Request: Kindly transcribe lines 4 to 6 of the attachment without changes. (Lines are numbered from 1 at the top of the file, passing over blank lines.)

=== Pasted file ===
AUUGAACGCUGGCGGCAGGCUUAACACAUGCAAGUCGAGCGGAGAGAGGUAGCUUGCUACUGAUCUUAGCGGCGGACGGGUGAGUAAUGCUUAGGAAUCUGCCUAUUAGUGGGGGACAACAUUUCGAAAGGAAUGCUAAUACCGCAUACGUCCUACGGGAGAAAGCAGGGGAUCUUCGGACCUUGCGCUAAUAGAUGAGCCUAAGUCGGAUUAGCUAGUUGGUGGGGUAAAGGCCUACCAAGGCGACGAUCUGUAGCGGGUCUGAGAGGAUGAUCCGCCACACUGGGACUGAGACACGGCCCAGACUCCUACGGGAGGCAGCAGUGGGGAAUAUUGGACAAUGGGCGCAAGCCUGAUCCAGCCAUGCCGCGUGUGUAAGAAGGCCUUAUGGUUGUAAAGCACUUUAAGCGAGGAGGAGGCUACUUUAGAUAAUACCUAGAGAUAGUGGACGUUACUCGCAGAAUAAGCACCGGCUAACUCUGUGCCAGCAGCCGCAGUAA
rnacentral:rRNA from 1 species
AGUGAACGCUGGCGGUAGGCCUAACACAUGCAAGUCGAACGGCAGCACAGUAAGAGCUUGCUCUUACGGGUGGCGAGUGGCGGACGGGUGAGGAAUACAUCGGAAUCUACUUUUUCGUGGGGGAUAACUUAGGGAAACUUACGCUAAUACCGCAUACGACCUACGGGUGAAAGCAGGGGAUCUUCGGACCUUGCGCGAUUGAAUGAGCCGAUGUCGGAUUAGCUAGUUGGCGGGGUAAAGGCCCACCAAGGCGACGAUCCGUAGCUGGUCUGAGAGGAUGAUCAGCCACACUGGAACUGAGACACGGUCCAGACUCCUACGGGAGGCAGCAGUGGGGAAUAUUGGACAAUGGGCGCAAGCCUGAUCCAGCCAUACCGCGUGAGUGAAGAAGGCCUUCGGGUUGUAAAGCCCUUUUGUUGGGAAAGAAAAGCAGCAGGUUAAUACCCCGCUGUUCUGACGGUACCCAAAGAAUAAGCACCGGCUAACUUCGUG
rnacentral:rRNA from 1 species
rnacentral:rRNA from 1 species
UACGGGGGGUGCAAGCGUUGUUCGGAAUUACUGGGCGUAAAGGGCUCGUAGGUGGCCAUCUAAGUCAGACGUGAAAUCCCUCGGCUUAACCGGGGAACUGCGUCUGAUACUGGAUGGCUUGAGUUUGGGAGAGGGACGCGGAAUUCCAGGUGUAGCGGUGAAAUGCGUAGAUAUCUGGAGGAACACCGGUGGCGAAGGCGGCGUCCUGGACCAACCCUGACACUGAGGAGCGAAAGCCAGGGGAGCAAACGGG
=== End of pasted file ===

rnacentral:rRNA from 1 species
rnacentral:rRNA from 1 species
UACGGGGGGUGCAAGCGUUGUUCGGAAUUACUGGGCGUAAAGGGCUCGUAGGUGGCCAUCUAAGUCAGACGUGAAAUCCCUCGGCUUAACCGGGGAACUGCGUCUGAUACUGGAUGGCUUGAGUUUGGGAGAGGGACGCGGAAUUCCAGGUGUAGCGGUGAAAUGCGUAGAUAUCUGGAGGAACACCGGUGGCGAAGGCGGCGUCCUGGACCAACCCUGACACUGAGGAGCGAAAGCCAGGGGAGCAAACGGG